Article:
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Gun-rights group unwelcome at Friday memorial for Aurora shooting victims
Question of the Day
DENVER — Plans by a gun-rights group to participate in ceremonies on Friday marking one year since the Aurora theater shooting have drawn criticism from some participants who say the group doesn't belong.
Pro-gun groups in turn have pushed back, accusing New York Mayor Michael R. Bloomberg's Mayors Against Illegal Guns, which is organizing the event as part of its "No More Names" national tour, of politicizing the July 20 tragedy that left 12 dead and 58 injured.
The Mayors Against Illegal Guns rally is set Friday at Cherry Creek State Park in Aurora, and Rocky Mountain Gun Owners is holding a "peaceful 'counter-rally' at the same park.
Colorado Ceasefire compared the counter-rally to the notorious funeral protests conducted by the Westboro Baptist Church.
"Shame on them. ... Is it appropriate to stage a rally to counter a vigil?" said Colorado Ceasefire in a Facebook post.
RMGO spokeswoman Danielle Thompson said the mayors' group is using the anniversary to promote gun-control legislation, noting that MAIG has actively pushed for firearms restrictions in Colorado.
"They're politicizing this — Mayors Against Illegal Guns is using this anniversary as a podium," Ms. Thompson said. "We don't intend to hold signs; we're simply attempting to show that there are two sides to this debate."
The MAIG event starts with a press conference at noon Friday, followed by the reading of "the names of gun-violence victims" that will extend until 12:38 a.m. Saturday, the moment the shooting began a year ago during the premiere of "The Dark Knight Rises" at the Century 16 theater.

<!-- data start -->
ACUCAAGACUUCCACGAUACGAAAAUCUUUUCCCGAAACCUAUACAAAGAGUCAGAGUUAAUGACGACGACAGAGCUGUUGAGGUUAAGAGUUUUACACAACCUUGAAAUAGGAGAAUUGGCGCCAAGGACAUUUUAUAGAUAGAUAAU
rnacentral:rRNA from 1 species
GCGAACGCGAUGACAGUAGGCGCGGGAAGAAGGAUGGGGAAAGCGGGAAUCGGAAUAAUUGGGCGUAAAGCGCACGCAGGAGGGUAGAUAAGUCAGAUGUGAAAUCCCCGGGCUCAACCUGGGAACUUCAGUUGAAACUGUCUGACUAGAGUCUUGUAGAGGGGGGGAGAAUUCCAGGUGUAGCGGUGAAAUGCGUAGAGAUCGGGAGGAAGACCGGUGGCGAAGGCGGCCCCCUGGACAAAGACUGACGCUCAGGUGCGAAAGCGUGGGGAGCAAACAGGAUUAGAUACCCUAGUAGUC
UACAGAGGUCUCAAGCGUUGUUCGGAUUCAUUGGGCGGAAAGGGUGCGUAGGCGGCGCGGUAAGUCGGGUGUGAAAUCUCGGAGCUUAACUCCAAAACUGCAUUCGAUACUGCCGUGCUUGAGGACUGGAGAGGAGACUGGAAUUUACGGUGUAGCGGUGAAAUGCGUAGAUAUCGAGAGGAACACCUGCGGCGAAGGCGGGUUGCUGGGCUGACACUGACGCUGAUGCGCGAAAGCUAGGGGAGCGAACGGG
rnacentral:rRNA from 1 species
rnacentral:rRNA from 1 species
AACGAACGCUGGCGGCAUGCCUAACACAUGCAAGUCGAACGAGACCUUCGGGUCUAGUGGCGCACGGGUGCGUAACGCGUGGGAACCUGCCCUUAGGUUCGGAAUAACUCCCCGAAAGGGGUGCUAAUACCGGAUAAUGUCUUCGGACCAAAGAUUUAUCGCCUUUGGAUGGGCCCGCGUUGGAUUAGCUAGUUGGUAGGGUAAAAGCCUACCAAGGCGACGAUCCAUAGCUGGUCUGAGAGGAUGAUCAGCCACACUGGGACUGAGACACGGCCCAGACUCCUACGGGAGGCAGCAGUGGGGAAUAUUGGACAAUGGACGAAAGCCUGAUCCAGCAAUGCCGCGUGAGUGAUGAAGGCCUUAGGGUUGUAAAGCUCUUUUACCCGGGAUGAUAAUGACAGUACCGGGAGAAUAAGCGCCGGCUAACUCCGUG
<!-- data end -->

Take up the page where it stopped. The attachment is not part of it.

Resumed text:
"Help us send a message to the country that it's time to take action to reduce gun violence nationwide as we've done in Colorado," said Democratic state Rep. Rhonda Fields in a press release. "It's time to stop adding names to the list of gun violence victims."
The "No More Names" tour drew criticism last month when reports surfaced that among the names being read was that of Tamerlan Tsarnaev, the Boston Marathon bomber killed by police. A survey by the Washington Examiner found that roughly one in eight names were those of criminals shot by police or armed citizens in self-defense.
MAIG issued a mea culpa after Tsarnaev's name was read at a June rally in Concord, N.H., saying that "it should not have happened, and we sincerely apologize."
Colorado emerged as a hotbed of gun-related political strife in March when state Democrats passed three gun-control bills that later were signed into law by Democratic Gov. John Hickenlooper.
Two Democratic state senators — Angela Giron of Pueblo and John Morse of Colorado Springs — have been targeted for recalls based on their support of the firearms restrictions.
A Denver District Court judge is expected to rule Thursday on a challenge to the recall petitions.
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About the Author
Valerie Richardson covers politics and the West from Denver. She can be reached at firstname.lastname@example.org.
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